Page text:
Since Russia announced several weeks ago that it would start phase 2 of the war and focus on making gains in eastern Ukraine, it has little to show for it. But Russian President Vladimir Putin is not giving up.
Most analysts agree that Putin’s military is drawing up resupply routes for the next big push.
Recently, Russia finally allowed some women, children and the elderly to leave besieged and devastated Mariupol, which sits on the Sea of Azov and was a key port city for exporting steel from Ukraine.
The once-bustling city of 465,000 people could foreshadow what Putin would like to do to every major city in Ukraine: take innocent people hostage and indiscriminately bomb their cities until the ruble bounces.
Mariupol is the scene of horrible crimes
Mariupol now resembles Aleppo, Syria, where Putin’s army also engaged in both war crimes and crimes against humanity, and got away with it.
Some 100,000 people remain scattered throughout Mariupol and lack access to basic necessities: electricity, heating, food and clean water. There is no way to go into the city and count the dead now. Some estimate that more than 20,000 civilians have been killed.
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One thing is for sure: when the Ukrainian army finally retakes Mariupol, the world will be forced to face even more horrific crimes like Bucha’s, if not worse.
Azovstal, the city’s last great holdout, a gigantic steel plant symbolizing Ukraine’s resistance, is outnumbered but defiant. Ukrainian marines and members of their Azov battalion bravely fight to the death in the hope of trying to defend the industrial complex.
A cloud of black smoke hangs over the closed plant, product of the relentless Russian bombardment. Ordinary Ukrainians have also taken refuge at the plant, and despite numerous appeals from the Pope and other world luminaries, Putin refused to allow them safe passage. He didn’t even move on Easter Sunday.
This is the same city where a beautiful old theater housed 1,000 women and children who had lost their homes. People wrote “KIDS” in huge white letters on the ground at the entrance and exit of the theater, hoping that human decency might cast doubt as the Russian pilots wondered whether to follow their orders and bomb the theater. But the theater was destroyed.
May 9, Victory Day
On May 1, the shelling briefly ceased for the first time in more than 60 days and some 100 civilians were allowed to leave the plant, in a deal brokered by the International Committee of the Red Cross and the United Nations. As soon as the bus carrying the innocents left, the shooting resumed.
This past Saturday the evacuation of all women, children and elderly people from the plant was completed.
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The Azovstal and Mariupol factory may fall at any moment, and their defeat cannot come soon enough for the aging autocrat in Moscow. Putin needs something to brag about on Monday, the biggest holiday on the Russian calendar. On Victory Day, the country celebrates the defeat of the Soviet Union over Nazism.
Putin normally gives a militaristic speech, beating his chest. Some expect him to declare war and a mass mobilization on the holiday, although Kremlin spokesman Dmitry Peskov has strongly denied the rumour.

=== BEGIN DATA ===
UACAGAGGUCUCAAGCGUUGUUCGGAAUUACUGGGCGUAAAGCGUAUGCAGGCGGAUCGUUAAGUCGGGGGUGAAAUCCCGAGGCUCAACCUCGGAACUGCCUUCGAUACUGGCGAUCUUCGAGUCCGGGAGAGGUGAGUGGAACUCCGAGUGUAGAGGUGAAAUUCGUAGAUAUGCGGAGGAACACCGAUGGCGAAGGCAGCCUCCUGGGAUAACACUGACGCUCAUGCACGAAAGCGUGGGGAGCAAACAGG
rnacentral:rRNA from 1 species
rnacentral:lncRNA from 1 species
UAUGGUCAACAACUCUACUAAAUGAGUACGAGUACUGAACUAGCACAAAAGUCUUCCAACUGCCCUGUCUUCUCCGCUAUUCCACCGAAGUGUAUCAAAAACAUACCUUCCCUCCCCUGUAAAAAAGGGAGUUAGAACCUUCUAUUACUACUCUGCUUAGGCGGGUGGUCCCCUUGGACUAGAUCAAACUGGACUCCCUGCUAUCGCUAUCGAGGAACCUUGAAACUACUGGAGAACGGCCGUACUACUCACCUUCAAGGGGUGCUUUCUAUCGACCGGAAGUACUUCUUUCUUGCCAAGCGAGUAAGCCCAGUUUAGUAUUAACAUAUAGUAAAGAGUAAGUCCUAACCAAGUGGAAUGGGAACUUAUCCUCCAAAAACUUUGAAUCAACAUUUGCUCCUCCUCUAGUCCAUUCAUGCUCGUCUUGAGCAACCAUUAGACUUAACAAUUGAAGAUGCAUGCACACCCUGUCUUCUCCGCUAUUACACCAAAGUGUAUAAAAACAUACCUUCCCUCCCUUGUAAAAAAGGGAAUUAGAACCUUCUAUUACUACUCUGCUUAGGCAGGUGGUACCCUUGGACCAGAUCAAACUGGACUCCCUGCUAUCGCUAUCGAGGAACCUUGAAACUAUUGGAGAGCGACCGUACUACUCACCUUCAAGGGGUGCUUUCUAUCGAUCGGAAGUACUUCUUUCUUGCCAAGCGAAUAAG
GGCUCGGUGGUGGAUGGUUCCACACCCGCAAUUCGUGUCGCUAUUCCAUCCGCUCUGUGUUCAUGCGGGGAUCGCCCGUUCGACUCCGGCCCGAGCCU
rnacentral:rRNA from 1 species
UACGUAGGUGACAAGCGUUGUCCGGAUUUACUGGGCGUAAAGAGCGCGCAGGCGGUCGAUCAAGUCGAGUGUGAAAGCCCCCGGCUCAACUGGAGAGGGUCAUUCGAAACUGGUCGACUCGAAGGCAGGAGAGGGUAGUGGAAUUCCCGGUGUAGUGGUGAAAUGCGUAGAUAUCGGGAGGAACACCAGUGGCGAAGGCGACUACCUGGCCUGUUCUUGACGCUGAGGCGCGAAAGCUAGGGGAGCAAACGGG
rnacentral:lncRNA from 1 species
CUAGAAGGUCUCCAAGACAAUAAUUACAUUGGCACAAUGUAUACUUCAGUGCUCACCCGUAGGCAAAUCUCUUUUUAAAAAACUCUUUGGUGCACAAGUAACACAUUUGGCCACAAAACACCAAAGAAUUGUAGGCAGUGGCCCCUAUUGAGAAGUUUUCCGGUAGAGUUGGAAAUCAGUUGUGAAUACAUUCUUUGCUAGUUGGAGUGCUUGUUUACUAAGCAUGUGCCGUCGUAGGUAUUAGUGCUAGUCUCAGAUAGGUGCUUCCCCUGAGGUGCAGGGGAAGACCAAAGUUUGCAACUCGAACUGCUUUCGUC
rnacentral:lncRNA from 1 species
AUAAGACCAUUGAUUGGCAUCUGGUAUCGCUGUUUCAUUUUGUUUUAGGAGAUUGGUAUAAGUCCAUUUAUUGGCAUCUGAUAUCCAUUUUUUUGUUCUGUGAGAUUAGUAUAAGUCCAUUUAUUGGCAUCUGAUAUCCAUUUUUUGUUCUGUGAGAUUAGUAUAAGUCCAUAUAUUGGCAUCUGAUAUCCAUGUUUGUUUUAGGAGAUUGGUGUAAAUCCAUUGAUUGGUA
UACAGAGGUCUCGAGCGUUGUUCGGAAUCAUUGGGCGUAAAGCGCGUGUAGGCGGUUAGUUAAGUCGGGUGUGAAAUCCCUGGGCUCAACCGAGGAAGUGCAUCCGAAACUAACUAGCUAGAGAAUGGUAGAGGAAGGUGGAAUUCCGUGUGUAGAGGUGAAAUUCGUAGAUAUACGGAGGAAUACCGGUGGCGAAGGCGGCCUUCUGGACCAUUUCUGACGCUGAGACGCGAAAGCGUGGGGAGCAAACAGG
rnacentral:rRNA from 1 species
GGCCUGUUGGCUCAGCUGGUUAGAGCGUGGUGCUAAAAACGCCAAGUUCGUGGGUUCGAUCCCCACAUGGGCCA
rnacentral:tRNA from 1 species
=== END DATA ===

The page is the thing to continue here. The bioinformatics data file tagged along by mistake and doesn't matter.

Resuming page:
The bottom line is that Putin miscalculated on February 24 when he again ordered his troops to invade Ukraine. He thought he would be in and out in a matter of days. The country would fall easily. He would replace Ukrainian President Volodymyr Zelenskyy with a Russian stooge. What he did not bet was that the Ukrainian nation resist.
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Russia is reeling: Putin’s troops have seized a single major city and suffered heavy casualties. Putin is also an international pariah, and his country suffers from heavy sanctions.
So far, Putin has failed to realize his goals. Ukraine remains a sovereign nation, the North Atlantic Treaty Organization will soon have new members, and the West is united as never before against the Russian threat.
Putin is not intimidated
Still, Putin is undeterred and his army continues to rampage through Ukraine. The situation is dire and only getting worse for ordinary people. Twelve million Ukrainians have left their homes, 5.7 million to neighboring countries and 6.5 million are displaced within Ukraine.
The United Nations expects 8 million Ukrainians to leave the country by the end of the year.
Meanwhile, as humanitarian needs mount, international aid remains stuck in warehouses as many major relief organizations are unable to move goods across the country. They have not started yet, while the humanitarian crisis is already serious. They foolishly refuse to work with trusted Ukrainian partners who can easily bring relief efforts to needy hands. We need to put more pressure on humanitarian organizations to comply now.
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Since Americans give generously, they should donate only to organizations that can deliver. Razom, an American charity based in New York City, does. The same goes for HelpUkraine.Center.
The courage that Ukrainians show on a daily basis has already shocked the world and, indeed, the Ukrainians themselves. Still, Ukraine needs the world to stand up for it, talk about it, and keep it in the headlines for as long as it takes.
Melinda Haring is the deputy director of the Atlantic Council’s Eurasia Center. Andrey Stavnitser is the CEO of TIS and HelpUkraine.Center
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This article originally appeared on USA TODAY: Victory Day: Russia has failed even as Mariupol is destroyed